Article

Thyroid cancer in the thyroid nodules evaluated by ultrasonography and fine-needle aspiration cytology.

Division of Endocrinology and Metabolism, Department of Internal Medicine, Chang Gung Memorial Hospital, Taiwan, R.O.C.
Thyroid (Impact Factor: 3.84). 08/2005; 15(7):708-17. DOI: 10.1089/thy.2005.15.708
Source: PubMed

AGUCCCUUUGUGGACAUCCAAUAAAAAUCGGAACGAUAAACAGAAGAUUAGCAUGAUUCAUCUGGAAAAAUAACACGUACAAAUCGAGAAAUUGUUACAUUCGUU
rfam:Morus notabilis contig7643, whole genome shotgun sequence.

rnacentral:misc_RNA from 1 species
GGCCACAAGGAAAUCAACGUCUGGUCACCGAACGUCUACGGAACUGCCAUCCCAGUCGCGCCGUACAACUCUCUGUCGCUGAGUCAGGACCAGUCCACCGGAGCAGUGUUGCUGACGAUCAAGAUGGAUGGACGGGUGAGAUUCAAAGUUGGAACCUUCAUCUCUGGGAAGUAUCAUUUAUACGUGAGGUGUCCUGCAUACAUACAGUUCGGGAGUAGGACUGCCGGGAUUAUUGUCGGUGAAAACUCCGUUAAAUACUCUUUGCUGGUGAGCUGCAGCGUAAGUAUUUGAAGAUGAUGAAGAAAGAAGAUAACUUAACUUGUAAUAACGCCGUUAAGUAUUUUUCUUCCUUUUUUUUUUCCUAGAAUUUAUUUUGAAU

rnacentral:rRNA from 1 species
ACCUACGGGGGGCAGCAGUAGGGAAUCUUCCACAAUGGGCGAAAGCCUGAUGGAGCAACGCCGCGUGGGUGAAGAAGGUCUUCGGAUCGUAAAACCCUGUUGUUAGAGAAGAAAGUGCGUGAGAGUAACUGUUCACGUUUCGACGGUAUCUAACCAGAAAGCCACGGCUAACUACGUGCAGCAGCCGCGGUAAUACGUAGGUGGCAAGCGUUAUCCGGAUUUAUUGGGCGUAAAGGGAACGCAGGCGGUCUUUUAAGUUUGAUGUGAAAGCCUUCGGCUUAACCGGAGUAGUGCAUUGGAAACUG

ABSTRACT Thyroid nodule is common disorder in endocrine clinics. In Taiwan, thyroid ultrasonography with fine-needle aspiration cytology (FNAC) is the first-line examination procedure. Data in large series on the incidence of thyroid malignancy presenting with thyroid nodules are lacking in this area. To determine the incidence of malignancy in thyroid nodules and compare the results with other populations, this investigation retrospectively reviewed 21,748 subjects who were examined in one medical center from January 1986 to December 1999. All patients underwent thyroid ultrasonography studies using a real-time ultrasonographic machine and a 10-MHz transducer. Fine-needle aspirations were made in the suspected thyroid nodule and stained using the Romanowsky- based method developed by Liu. By the end of 2002, some 3629 patients (16.7%) had thyroid nodules after surgical treatment. This group comprised 3011 women with a mean age of 41.5 +/- 13.9 years, and 618 men with a mean age of 45.7 +/- 14.9 years. Of patients undergoing surgical treatment, 2761 (76.1%) patients were diagnosed with benign nodules, 858 (23.6%) with malignant nodules, and 10 (0.3%) with atypical adenoma (7 follicular and 3 Hürthle cells). The percentages of thyroid malignancy in each age group revealed two peaks in both genders, namely in patients aged 20 to 29 years and in elderly patients (aged over 65 years). The peak age for thyroid malignancy in both genders was 41 to 60 years (male) and 21 to 40 years (female). The highest ratio of malignancy occurred in the elderly group (37.2%) receiving surgical treatment. In young patients (below 19 years) the percentage of malignancy was no greater than for the whole age group (20.2% versus 25.6%). Anaplastic and metastatic cancers affecting the thyroid were the main subjects in the age group. The present results demonstrated a younger distribution for well-differentiated thyroid cancer, particularly papillary thyroid carcinoma, compared to previous studies. This outcome may have resulted from the routine application of ultrasonography with FNAC in assessing the thyroid nodules, possibly helping to achieve more timely detection. The incidence of thyroid malignancy in young patients was no higher than in adults. Early detection of thyroid malignancy may be the main reason for this phenomenon. Male subjects with thyroid nodules displayed a higher incidence of this malignancy than females. Aging subjects with thyroid nodules suffered a higher rate of malignancy and were poorly differentiated. In conclusion, this retrospective large-series study demonstrated that 3.9% (858/21,748 cases) of patients with thyroid nodules showed histopathologically proven malignancy. Thyroid cancer detected by ultrasonography with FNAC occurred an average of 10 years younger than in prior studies.

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